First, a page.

I can’t necessarily take credit for this, but I love the antique reproduction medals that are the center of every rosary I make. It’s exciting to be able to take old treasures and make them come to life again. I love antiquity and the things that connect us to those who came before us. We are all part of the Communion of Saints, and these medals are evidence of both the early artisans and the faithful individuals who carried them for inspiration. The vintage character that these medals and parts lend to my rosaries elevates the look from the ordinary to the extraordinary. I am not wishing to take any credit for these beautiful rosary parts and medals. I am blessed to partner with the artisans of days gone by and feature them as components in my work.
Is there a role of priests in what you do, blessing, approving the design, or anything like that?
Well, the overarching design of the rosary goes way back in Catholic tradition. So, that's not really something I design. Its pretty standard.
I don't bless my rosaries, because blessing is a dedication for purpose. Once it is blessed, the rosary becomes a sacramental, and we're not supposed to sell blessed objects, because we can't sell a blessing. So, each individual who buys my rosaries can have their priest bless them. Then they become a sacramental, and then the faith of the person who is praying The Rosary brings about grace. It’s not that the beads themselves have any means of bringing grace. It would be superstitious to think that beads have power themselves. But you sanctify them by asking for God's blessing on them, and then God can use them to transfer grace to you, and that's based on your own faith. So, if someone was to take one of my rosaries, and have no belief in reciting The Rosary, then it wouldn't do anything for them—because they didn't have any faith in what they were doing. So, you know, the prayers themselves are what bring you the grace. The prayers and your faith.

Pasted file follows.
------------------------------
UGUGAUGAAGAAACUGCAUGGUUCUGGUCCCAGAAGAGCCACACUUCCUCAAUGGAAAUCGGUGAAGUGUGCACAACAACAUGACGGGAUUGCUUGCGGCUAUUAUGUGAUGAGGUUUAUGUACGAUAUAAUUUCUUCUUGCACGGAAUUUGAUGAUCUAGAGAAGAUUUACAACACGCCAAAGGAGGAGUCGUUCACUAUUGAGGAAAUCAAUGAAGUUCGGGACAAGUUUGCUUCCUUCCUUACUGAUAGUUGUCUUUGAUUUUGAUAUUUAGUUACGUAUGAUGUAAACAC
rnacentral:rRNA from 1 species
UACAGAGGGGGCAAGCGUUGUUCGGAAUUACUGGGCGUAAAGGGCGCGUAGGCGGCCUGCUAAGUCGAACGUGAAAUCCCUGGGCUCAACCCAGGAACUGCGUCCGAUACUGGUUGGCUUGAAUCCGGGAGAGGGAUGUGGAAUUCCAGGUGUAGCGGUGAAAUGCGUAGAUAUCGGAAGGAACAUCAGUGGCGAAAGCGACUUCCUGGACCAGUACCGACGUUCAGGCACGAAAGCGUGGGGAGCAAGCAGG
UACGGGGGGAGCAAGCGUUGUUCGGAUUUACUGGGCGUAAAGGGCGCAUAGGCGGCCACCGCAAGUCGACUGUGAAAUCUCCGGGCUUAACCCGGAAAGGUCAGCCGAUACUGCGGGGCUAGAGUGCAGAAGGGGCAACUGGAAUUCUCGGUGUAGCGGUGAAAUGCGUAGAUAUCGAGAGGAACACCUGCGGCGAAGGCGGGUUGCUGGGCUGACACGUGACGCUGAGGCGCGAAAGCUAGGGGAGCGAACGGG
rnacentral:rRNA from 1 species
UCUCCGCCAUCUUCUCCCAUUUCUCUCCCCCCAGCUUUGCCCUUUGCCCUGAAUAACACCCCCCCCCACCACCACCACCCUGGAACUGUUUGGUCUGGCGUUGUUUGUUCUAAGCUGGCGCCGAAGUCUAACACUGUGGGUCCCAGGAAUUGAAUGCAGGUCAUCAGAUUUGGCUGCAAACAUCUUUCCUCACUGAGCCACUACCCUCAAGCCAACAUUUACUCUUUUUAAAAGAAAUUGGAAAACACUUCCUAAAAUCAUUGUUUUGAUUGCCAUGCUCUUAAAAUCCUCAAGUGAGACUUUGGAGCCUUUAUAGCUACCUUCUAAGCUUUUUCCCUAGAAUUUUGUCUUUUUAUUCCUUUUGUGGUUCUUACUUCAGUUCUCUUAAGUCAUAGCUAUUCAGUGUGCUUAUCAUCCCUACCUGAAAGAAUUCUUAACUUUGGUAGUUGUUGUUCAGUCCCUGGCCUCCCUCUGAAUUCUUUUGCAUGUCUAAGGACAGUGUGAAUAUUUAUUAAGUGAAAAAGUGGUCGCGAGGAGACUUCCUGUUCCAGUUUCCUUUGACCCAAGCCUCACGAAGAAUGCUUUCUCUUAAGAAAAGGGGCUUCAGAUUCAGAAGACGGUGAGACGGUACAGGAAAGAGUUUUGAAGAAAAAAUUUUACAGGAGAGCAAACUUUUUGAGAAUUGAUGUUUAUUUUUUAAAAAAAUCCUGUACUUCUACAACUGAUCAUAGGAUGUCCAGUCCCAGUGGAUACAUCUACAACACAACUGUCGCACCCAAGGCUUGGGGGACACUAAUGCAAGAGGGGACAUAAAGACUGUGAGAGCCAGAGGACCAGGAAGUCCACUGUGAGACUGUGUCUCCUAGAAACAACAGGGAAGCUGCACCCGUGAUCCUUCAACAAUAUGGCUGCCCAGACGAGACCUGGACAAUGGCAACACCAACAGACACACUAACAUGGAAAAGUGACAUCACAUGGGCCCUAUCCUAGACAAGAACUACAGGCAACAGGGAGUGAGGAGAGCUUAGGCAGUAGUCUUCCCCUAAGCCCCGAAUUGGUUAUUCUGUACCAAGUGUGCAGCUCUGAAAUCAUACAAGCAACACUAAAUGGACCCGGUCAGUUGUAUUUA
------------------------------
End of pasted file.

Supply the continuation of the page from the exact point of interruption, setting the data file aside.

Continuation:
Are there ways in which making rosaries has changed you for the better or influenced you spiritually?
Yeah, definitely. I've been more devoted to prayer, and I think I've influenced my family to be more prayerful as well. It kind of surprises me to see a teenager who prays The Rosary every day and asks me if I'll pray The Rosary with him. So, I'm influenced by my family's devotion and find I’m more devoted as well.